Memories from Growing Up in a Small, Religious, Southern Town

I heard the DARE officer got fired for smoking a cigarette behind the elementary school.
Our youth leader forbade us from playing Twister at a youth retreat because it “could get sexual.”
During homecoming, we made these posters for our homeroom doors, and it was a contest—huge deal. My favorite teacher’s homeroom got disqualified for making a “Highway to Hell” door because it “was too demonic.” We were the Blue Devils.
One of my coworkers at the grocery store would buy me wine coolers in high school, and I kept them in the wooden Noah’s Ark chest at the foot of my bed that my grandmother gave me one Christmas.
We had this worship program called “Fifth Quarter” after every home football game at the community center that was an alternative to the “Sock Hop” dance. My best friend said she still doesn’t remember looks dirtier than this one time she showed up late to Fifth Quarter because she’d been at the Sock Hop. (sinner)
I used to label my burned CDs with Christian music artists names—“Steven Curtis Chapman” was really Ludacris, “Amy Grant” was R. Kelly, and “Michael W. Smith” was the (Dixie) Chicks.
Speaking of the (Dixie) Chicks, I knew all the words to “Goodbye Earl” before I ever actually heard it. One time, my dad actually let us listen to secular radio, and he asked what he should call in and request. I said “Goodbye Earl.” When he heard it, he was super pissed I’d been listening to “songs about murder.” Murder is wrong.
Our youth leader told us 80% of teen pregnancies happen in the backseat of a church van.
Maybe the best birthday party I remember attending is this guy in eighth grade whose family had all this river property. We played freeze tag on the hay bales in the field and went snipe hunting in the woods.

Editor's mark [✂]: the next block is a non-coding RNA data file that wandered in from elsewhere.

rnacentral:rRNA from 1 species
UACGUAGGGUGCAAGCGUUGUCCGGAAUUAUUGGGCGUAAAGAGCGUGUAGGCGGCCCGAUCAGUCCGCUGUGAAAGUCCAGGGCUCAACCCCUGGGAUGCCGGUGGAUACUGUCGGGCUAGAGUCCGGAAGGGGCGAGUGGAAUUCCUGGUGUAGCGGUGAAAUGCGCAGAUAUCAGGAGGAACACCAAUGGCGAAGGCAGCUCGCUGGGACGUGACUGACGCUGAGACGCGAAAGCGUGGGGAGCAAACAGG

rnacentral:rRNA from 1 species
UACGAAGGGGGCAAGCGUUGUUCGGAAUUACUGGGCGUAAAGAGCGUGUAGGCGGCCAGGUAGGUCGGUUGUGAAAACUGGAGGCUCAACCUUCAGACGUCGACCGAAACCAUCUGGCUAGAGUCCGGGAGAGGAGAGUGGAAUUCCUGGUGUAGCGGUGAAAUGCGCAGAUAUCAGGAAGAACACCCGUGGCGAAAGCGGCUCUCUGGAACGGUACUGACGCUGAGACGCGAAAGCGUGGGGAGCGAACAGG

When my dad’s church was just getting started, we met in the high school vocational center. There was a portrait of a Blue Devil that stretched floor to ceiling in our “sanctuary.”
Instead of having a real sex talk with me as a teen, my parents sent me to my room with a book, and the first chapter was about masturbation. I didn’t come out of my room for like a day because I couldn’t look them in the eyes.
Back to that youth leader—he called my mom once to tell her my shorts were too short. She told him she’d be glad to give him $100 and let him take me to the mall. He declined this offer.
We had Super Bowl parties every year at one of the churches, but there was an invitation to get saved during halftime, so I completely missed Janet Jackson’s boobs.
We didn’t have sex education of any kind, but we did have this one motivational speaker come and preach abstinence. She told us we should run through the halls screaming “I AM A VIRGIN!” proudly.
The thing I remember most about my seventeenth birthday is my dad and my best friend getting into an argument about Hillary Clinton.
Our manager at the grocery store wouldn’t let anyone off for Christmas Eve, not even this one guy who was in the nativity play at his church.
My mom finally figured out I’d been sleeping over at my boyfriend’s house the year after we graduated high school because we showed up late to church together one morning.
I told my dad I named my cat Selena because I looked in the baby name book he and my mom bought before my sister was born, but really it was because I was obsessed with Selena Quintanilla. I got in huge trouble when he found out, because she was secular. “Anyone who doesn’t use their voice for the Lord is sinning.”
At this one sleepover, we watched Mean Girls, and one of my best friends went upstairs to pray for the duration of the movie because she said it wasn’t Christlike. She’s since apologized.
Football, prayer, and Blue Devil Country are the second holy trinity.

Kathryn M. Barber grew up in southwest Virginia/northeast Tennessee near the Smoky Mountains. She teaches stuff at Mississippi State University and edits stuff at Press Pause Press. Her favorite brew is Teaches Peaches (a peach wheat) from Edward Teach Brewery in Wilmington, NC.

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